Mars Reconnaissance Orbiter Captures New Image of an Impact Crater

MRO Captures New Impact Crater Image

An image taken by NASA’s Mars Reconnaissance Orbiter (MRO) using the HiRISE camera has captured a recently formed (within the past 10 years) impact crater that caused a slope streak. The meteoroid that impacted the surface of Mars and created the crater also triggered an avalanche by destabilizing the slope. Credit: NASA/JPL-Caltech/University of Arizona

This HiRISE image from NASA’s Mars Reconnaissance Orbiter (MRO) captures a new, dated (within about a decade) impact crater that triggered a slope streak. When the meteoroid hit the surface and exploded to make the crater, it also destabilized the slope and initiated this avalanche.

The crater itself is only 5 meters (16 feet) across, but the streak it started is 1 kilometer (0.6 miles) long! Slope streaks are created when dry dust avalanches leave behind dark swaths on dusty Martian hills. The faded scar of an old avalanche is also visible to the side of the new dark streak.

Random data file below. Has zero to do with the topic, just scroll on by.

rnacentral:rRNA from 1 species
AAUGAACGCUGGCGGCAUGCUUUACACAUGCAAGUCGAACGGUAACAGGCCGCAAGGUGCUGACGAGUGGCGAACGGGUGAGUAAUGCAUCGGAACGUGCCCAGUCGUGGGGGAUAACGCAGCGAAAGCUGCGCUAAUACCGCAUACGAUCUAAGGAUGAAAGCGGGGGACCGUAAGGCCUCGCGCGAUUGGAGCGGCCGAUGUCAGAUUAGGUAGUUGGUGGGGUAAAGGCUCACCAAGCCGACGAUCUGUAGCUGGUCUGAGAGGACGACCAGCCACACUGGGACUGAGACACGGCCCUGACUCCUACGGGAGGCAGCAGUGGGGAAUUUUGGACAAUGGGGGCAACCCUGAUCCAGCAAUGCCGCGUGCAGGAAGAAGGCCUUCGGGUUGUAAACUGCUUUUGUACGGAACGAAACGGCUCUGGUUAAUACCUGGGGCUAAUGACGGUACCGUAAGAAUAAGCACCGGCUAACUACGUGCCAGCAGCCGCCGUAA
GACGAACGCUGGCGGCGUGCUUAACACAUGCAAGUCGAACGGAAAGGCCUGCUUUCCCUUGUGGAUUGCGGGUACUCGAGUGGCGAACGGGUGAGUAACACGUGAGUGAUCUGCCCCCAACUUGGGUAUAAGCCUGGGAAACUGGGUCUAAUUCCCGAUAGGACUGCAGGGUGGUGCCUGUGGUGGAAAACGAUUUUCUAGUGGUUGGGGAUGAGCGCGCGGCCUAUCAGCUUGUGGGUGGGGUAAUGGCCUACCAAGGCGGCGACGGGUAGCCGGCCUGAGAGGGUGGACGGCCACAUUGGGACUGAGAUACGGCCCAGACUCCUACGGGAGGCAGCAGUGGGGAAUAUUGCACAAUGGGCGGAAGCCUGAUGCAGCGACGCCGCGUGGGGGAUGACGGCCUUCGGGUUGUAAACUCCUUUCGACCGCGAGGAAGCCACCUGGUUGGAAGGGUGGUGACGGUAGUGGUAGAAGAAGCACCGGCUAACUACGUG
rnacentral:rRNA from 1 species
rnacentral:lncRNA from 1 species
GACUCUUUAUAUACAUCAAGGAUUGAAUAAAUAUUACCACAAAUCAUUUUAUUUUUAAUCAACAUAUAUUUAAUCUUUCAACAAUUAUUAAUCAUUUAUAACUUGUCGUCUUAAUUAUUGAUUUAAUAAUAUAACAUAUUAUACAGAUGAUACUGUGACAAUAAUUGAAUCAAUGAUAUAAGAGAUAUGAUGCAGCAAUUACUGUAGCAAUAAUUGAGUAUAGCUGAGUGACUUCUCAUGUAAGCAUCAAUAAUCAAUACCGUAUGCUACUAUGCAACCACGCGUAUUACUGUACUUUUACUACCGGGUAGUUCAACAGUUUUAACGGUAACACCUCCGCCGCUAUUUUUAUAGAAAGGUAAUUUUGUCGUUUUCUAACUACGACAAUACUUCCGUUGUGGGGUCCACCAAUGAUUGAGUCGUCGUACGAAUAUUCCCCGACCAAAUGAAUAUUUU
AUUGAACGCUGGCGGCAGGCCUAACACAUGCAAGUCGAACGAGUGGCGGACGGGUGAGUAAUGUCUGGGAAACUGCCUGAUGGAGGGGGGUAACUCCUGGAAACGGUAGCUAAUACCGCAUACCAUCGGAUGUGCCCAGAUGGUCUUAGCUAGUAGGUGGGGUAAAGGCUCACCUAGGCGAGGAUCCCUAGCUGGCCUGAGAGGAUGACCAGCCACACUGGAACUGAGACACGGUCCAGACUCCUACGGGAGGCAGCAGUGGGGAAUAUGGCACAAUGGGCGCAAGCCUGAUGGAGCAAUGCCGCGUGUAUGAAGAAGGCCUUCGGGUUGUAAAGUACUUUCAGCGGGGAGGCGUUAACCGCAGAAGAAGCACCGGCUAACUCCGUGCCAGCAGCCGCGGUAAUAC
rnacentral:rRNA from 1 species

The University of Arizona, Tucson, operates HiRISE, which was built by Ball Aerospace & Technologies Corp., Boulder, Colorado. NASA’s Jet Propulsion Laboratory, a division of Caltech in Pasadena, California, manages the Mars Reconnaissance Orbiter Project for NASA’s Science Mission Directorate, Washington.

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